Covering the Community: A Diversity Handbook for Media

Books

Leigh Aldrich

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  • Front Matter
  • Back Matter
  • Subject Index
  • Pine Forge Press Titles of Related Interest

    Second Thoughts: Conventional Wisdom Through the Sociological Eye, 2nd. Ed. by Karen Cerulo and Janet Ruane

    Media/Society: Industries, Images, and Audiences, 2nd Ed. by David Croteau and William Hoynes

    Crime and Everyday Life: Insights and Implications for Society, 2nd Ed. by Marcus Felson

    Exploring Social Issues Using SPSS for Windows 95/98 by Joseph F. Healey, John Boli, Earl Babbie, and Fred Halley

    Sociology: Exploring the Architecture of Everyday Life (text), 2nd Ed. by David Newman

    Sociology: Exploring the Architecture of Everyday Life (readings), 2nd Ed. by David Newman

    Building Community: Social Science in Action by Philip Nyden, Anne Figert, Mark Shibley, and Darryl Burroughs

    The McDonaldization of Society, Rev. Ed. by George Ritzer

    Shifts in the Social Contract: Understanding Change in American Society by Beth Rubin

    Sociology for a New Century: A Pine Forge Press Series Edited by Charles Ragin, Wendy Griswold, and Larry Griffin

    Crime and Disrepute by John Hagan

    An Invitation to Environmental Sociology by Michael M. Bell

    Global Inequalities by York Bradshaw and Michael Wallace

    Schools and Societies by Steven Brint

    How Societies Change by Daniel Chirot

    Ethnicity and Race: Making Identities in a Changing World by Stephen Cornell and Doug Hartmann

    The Sociology of Childhood by William A. Corsaro

    Cultures and Societies in a Changing World by Wendy Griswold

    Gods in the Global Village: The World's Religions in Sociological Perspective by Lester R. Kurtz

    Waves of Democracy: Social Movements and Political Change by John Markoff

    Development and Social Change: A Global Perspective by Philip McMichael

    Constructing Social Research by Charles C. Ragin

    Women and Men at Work by Barbara Reskin and Irene Padavic

    Cities in a World Economy by Saskia Sassen

    Gender, Family, and Social Movements by Suzanne Staggenborg

    Copyright

    View Copyright Page

    Dedication

    TO SHIRLEY BIAGI

    Mentor and Friend

    About the Author

    LEIGH STEPHENS ALDRICH is Professor of Journalism and Communication Studies at California State University, Sacramento. She is the author of more than 500 articles, studies and desktop study guides. Her book, 12 Steps to Clear Writing, won a National Federation of Press Women first place instructional book award. In her business consulting work she has trained thousands of people in communications. She is a Fellow of the Poynter Institute for Media Studies.

    About the Publisher

    Pine Forge Press is an educational publisher, dedicated to publishing innovative books and software throughout the social sciences. On this and any other of our publications, we welcome your comments and suggestions.

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    Preface

    Acknowledgments with Appreciation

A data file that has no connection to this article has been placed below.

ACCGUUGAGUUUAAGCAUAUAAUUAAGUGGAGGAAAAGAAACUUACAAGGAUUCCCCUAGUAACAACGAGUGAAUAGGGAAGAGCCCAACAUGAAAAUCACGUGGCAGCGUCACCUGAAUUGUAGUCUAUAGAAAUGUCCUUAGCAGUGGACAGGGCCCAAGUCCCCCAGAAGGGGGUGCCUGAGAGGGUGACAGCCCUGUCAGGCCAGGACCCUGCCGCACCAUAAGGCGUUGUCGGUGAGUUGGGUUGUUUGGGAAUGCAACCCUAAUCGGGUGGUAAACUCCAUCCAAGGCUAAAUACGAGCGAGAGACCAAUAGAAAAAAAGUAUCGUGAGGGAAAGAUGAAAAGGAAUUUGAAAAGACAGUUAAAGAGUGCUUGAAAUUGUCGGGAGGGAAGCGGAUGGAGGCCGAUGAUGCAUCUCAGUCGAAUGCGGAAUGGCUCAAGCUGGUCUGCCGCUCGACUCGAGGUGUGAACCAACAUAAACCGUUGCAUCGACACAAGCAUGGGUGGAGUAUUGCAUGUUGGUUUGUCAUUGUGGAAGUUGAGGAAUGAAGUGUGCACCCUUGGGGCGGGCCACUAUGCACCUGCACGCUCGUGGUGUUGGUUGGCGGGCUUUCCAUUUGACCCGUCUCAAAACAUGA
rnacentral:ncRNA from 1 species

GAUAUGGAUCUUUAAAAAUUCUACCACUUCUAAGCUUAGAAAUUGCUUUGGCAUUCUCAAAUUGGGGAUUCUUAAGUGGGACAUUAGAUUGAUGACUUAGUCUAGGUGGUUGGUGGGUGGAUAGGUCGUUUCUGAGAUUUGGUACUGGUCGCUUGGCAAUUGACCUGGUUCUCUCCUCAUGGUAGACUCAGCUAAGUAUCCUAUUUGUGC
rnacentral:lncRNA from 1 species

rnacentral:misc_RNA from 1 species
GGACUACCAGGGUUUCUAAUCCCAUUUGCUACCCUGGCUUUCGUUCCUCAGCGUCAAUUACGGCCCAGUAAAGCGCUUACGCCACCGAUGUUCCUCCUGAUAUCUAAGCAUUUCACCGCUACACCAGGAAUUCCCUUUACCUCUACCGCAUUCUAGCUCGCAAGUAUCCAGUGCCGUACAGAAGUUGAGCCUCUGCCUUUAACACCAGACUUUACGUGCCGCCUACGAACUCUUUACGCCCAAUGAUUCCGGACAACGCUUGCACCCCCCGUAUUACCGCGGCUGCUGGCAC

This book is the result of contributions from many who are interested in the diverse community in which we live. I want to thank Shirley Biagi and Ginny McReynolds for their thorough edit of the manuscript and for their support throughout the project. A special thank-you to my husband Bob Aldrich, an enthusiastic motivator and tireless researcher. Dr. Virginia Kidd, Suzanne Sommer, Cari Vinci, Christina Navarette, Lisa Trask, Reagan Wisham, and Jay Wisham all gave professional and personal inspiration throughout the work.

    My California State University, Sacramento students and State Hornet staff taught me the meaning of diversity. Our students' courage and success such as that of Giselle Fernandez and Joan Lunden have inspired me throughout the years to continue working on diversity and women's issues.

    A special thank-you to the professionals who made this book possible: Pine Forge Press Publisher Stephen Rutter, his assistant Jean Skeels, Wendy Westgate, Windy Just, David Nakamura, Art Nauman, Stephen Magagnini, Jade Moon, Kenneth F. Irby, Valerie Hyman, Don Fry, Roy Peter Clark, Joyce Mitchell, Dr. Ann L. Gerhardt, Dr. Ray Oshiro, Dr. Robert Humphrey, Marilyn Kern-Foxworth, Larry Dalton, Kit Cullen and Elaine Hussey. My deepest appreciation to the reviewers who molded the book and pushed my writing and editing skills to the limit:

    • Brenda Dervin, Ohio State University
    • Victoria Goff, University of Wisconsin, Green Bay
    • Lauren Kessler, University of Oregon
    • Catherine Mitchell, University of North Carolina, Asheville
    • Barbara Straus Reed, Rutgers University
    • Pamela Shoemaker, Syracuse University
    • Antone Silvia, University of Rhode Island
    • Carol Stepp, University of Maryland, College Park
    • Bernell Tripp, University of Florida
  • Appendix A

    “American Indian School Far from Old ‘Institute’ Days”
    By StephenMagagniniSenior Writer for Ethnic Affairs and Race Relations

    The Sacramento Bee, February 5,1997

    RIVERSIDE—On a grassy campus here, 450 American Indian teenagers from throughout the United States study basket weaving, tribal government, Navajo and other subjects not found at most public schools.

    But Sherman Indian High School is not your ordinary public school. The 105-year-old institution is one of the last vestiges of the old Indian boarding school system—widely considered one of the worst abuses perpetrated against American Indians.

    At 10 a.m. today, Sacramento City College will host a Native American Cultural Council forum on Indian boarding schools.

    From the 1880s through the 1960s, hundreds of thousands of Indian children across the country were sent to government boarding schools, often hundreds of miles away from home, in an effort to “take the Indian out of the Indian.”

    Indian children were given haircuts, uniforms, non-Indian names and orders not to speak their native language—even though many arrived not speaking English. Those who violated the English-only rule were often beaten or assigned latrine duty. In the summers they were hired out as domestics or migrant workers.

    But the “Sherman Institute” once known for its reform school atmosphere—has undergone a remarkable metamorphosis. Its mission is no longer to eradicate, but to celebrate Indian culture and language.

    “We're trying to give back what was taken away,” said administrator Ken Taylor, a Creek who attended Haskell, an Indian boarding school in Kansas.

    Sherman, which once had 1,200 students, nearly closed in 1992 when local tribes wanted to turn it into an alcohol treatment center. But in the last five years, the school has retrained its teachers to meet the unusual needs of Indian students.